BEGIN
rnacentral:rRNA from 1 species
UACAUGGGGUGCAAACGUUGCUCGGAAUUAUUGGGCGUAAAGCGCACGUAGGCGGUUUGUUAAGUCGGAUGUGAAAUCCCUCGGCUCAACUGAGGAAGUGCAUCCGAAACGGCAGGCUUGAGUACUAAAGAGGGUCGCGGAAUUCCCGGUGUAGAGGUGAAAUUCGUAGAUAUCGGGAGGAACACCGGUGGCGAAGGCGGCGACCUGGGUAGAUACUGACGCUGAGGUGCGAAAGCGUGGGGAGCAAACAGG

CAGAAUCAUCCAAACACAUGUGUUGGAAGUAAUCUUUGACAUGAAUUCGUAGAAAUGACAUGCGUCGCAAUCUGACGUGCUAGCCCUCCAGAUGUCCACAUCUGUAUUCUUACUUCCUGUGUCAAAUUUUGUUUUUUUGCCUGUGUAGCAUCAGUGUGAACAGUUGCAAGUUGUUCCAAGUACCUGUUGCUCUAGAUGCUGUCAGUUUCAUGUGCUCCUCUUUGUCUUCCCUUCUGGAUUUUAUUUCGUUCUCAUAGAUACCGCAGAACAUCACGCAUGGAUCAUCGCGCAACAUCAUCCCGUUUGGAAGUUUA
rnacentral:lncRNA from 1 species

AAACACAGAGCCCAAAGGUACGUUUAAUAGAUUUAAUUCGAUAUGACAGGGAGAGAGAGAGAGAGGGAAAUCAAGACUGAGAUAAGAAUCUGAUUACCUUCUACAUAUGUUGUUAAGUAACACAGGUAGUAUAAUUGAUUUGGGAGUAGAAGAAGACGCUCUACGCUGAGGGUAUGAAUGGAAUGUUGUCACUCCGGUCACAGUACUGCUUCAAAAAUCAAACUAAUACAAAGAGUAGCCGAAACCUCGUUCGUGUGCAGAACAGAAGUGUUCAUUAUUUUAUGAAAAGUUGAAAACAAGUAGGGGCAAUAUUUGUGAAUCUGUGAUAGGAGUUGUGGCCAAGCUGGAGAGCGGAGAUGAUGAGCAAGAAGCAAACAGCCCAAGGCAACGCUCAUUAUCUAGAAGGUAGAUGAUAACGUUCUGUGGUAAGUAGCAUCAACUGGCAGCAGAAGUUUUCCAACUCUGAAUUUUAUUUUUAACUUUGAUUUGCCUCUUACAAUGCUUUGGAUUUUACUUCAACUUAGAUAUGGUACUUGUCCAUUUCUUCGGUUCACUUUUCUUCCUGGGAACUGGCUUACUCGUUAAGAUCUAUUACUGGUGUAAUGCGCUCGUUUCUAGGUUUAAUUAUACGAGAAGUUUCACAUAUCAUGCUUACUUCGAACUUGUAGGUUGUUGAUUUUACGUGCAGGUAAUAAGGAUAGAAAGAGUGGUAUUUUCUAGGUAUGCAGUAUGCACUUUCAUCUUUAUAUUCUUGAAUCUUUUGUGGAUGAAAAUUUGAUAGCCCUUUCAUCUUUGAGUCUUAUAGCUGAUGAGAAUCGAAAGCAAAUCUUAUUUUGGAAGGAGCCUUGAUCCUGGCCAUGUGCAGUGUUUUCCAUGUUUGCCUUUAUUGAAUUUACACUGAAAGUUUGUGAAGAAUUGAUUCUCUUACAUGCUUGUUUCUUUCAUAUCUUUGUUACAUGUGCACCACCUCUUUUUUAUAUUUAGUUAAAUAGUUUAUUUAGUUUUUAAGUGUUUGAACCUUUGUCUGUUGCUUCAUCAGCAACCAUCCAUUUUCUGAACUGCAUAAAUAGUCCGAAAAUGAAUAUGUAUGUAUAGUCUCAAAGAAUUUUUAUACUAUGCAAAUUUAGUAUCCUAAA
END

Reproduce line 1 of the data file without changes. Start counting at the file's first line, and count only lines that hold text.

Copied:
rnacentral:rRNA from 1 species